Students will learn about space with these leveled activities and lessons for different skills and grade ranges.
Find Where the Wind Goes Booktalk
From a Chicago inner-city school to outer space as the first black woman astronaut, Mae has always reached for the stars. Let her tell you how she finally got there.
Mae Jemison decided what she wanted to be when she was five years old in 1961. “I’m going to be a scientist,” she told her kindergarten teacher. That wasn’t the answer her teacher expected from a small, skinny black girl. But that teacher didn’t know Mae very well. She didn’t know that Mae would indeed become a scientist — and a doctor, and a Peace Corps medical officer, and the first black woman astronaut. Of course, Mae herself didn’t know all that either, but she did know she wanted to find out how things worked, and why. What made the stars glitter? Why did people on the other side of the world see different ones? How was the earth made, and why did the dinosaurs disappear?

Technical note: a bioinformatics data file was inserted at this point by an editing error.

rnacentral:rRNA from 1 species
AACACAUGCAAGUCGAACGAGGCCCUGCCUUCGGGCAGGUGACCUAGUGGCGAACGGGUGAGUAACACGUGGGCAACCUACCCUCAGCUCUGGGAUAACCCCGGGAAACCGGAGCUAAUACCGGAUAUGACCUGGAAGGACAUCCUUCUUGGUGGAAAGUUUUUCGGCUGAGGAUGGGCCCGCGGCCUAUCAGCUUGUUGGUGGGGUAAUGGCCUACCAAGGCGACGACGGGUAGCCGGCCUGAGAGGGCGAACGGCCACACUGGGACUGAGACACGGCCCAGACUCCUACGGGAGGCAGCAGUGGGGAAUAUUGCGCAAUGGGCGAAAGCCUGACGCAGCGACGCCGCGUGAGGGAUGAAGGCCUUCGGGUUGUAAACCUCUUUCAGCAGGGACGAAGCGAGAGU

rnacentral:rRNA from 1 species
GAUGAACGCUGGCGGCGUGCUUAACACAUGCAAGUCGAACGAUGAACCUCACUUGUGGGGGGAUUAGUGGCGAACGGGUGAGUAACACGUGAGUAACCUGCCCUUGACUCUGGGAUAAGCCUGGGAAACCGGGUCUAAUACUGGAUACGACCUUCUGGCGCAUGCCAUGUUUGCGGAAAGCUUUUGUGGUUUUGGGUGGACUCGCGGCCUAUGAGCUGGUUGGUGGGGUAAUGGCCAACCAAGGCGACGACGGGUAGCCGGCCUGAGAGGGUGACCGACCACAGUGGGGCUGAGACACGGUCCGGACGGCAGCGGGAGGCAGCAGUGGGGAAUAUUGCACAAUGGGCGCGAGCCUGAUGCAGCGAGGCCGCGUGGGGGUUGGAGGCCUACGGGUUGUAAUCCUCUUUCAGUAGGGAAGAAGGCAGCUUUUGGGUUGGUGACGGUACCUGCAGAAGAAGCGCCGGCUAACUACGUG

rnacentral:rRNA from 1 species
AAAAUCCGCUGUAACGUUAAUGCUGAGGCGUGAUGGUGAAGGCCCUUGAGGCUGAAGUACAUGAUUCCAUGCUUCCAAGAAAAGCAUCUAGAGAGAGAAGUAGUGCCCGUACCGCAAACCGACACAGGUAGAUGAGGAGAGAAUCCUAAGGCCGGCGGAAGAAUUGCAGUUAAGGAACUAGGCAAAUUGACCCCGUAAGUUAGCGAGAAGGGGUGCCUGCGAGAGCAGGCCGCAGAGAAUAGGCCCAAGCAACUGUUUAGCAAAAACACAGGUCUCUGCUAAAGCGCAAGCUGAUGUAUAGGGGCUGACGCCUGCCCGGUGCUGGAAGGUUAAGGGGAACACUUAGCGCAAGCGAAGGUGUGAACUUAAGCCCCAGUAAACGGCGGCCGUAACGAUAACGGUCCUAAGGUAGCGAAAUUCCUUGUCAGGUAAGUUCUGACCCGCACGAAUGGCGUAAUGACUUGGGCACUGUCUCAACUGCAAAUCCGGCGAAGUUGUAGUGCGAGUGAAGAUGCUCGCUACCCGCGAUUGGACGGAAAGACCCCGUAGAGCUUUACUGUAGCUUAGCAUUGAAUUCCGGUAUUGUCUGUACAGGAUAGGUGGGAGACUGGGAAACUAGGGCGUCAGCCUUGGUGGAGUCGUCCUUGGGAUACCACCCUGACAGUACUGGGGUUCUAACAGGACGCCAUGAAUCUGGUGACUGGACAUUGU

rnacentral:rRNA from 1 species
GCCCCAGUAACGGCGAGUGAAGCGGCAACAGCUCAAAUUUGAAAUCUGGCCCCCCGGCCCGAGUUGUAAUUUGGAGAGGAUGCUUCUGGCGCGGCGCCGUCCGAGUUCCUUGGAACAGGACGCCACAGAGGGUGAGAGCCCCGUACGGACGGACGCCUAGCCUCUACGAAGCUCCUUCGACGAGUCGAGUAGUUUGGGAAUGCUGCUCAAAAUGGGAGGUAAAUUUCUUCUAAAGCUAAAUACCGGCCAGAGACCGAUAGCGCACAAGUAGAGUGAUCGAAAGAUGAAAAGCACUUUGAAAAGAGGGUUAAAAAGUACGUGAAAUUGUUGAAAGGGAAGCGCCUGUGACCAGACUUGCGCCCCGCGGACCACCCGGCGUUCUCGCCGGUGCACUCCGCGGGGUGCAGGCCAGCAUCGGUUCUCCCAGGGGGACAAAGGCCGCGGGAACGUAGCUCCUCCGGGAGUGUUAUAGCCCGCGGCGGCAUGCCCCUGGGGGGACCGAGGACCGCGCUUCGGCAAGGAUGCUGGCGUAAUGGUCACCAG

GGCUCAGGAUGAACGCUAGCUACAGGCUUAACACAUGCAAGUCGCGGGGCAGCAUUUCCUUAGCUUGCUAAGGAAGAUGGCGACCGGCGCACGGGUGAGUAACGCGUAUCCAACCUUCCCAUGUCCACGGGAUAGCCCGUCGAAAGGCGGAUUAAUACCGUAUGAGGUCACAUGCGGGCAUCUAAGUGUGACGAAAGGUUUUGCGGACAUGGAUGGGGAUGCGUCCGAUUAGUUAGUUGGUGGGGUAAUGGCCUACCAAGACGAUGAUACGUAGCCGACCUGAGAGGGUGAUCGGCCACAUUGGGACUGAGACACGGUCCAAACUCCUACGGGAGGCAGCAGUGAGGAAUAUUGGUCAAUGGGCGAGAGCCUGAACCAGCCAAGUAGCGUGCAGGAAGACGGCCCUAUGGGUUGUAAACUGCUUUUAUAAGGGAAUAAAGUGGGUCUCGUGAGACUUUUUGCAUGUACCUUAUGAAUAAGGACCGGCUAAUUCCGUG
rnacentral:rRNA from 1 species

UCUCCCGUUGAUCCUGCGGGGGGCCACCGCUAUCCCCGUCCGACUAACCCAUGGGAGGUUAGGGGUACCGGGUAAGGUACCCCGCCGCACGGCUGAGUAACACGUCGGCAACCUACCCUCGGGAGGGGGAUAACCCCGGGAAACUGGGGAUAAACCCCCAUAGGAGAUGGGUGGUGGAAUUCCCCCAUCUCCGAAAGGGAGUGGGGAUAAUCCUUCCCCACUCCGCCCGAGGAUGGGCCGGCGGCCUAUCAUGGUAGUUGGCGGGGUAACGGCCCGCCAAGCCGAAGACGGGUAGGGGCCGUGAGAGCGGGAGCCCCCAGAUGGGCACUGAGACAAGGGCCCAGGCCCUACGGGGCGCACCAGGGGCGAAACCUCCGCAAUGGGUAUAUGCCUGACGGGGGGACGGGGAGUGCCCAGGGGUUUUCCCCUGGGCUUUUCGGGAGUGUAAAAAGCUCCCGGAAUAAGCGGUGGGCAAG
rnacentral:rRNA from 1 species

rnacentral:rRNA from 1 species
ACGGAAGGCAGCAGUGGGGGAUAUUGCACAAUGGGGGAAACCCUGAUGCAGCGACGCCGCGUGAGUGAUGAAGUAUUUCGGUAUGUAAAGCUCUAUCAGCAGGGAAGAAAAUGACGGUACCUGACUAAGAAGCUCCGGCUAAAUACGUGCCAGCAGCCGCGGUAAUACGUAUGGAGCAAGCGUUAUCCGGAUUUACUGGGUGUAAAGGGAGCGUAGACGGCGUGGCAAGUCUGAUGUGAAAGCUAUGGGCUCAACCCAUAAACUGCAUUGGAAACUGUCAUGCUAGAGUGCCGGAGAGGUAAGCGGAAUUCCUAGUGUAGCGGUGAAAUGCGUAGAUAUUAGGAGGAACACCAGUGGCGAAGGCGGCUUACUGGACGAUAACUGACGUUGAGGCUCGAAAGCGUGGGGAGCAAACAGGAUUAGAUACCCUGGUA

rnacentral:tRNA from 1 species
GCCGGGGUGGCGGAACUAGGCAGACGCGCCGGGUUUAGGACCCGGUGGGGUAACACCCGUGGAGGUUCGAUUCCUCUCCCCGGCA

Neither Mae nor her teacher realized it, but Mae’s life turned a corner and set off in a new direction that day. Events that change our lives don’t always come like a hurricane, sweeping everything before it. Sometimes they begin subtly, like a puff of wind, or a five-year-old’s statement of purpose. But that subtle change can send life off in a new direction, and that little girl becomes an astronaut instead of a professional dancer, a doctor instead of an architect, a scientist instead of a fashion designer.
And what about you? What are the currents in your own life? Which way does the wind blow for you? What are the clues, the hints, about your life and who you will become? Let Mae tell you about some of the turning points in her life and perhaps help you get a glimpse of what might lie ahead for you.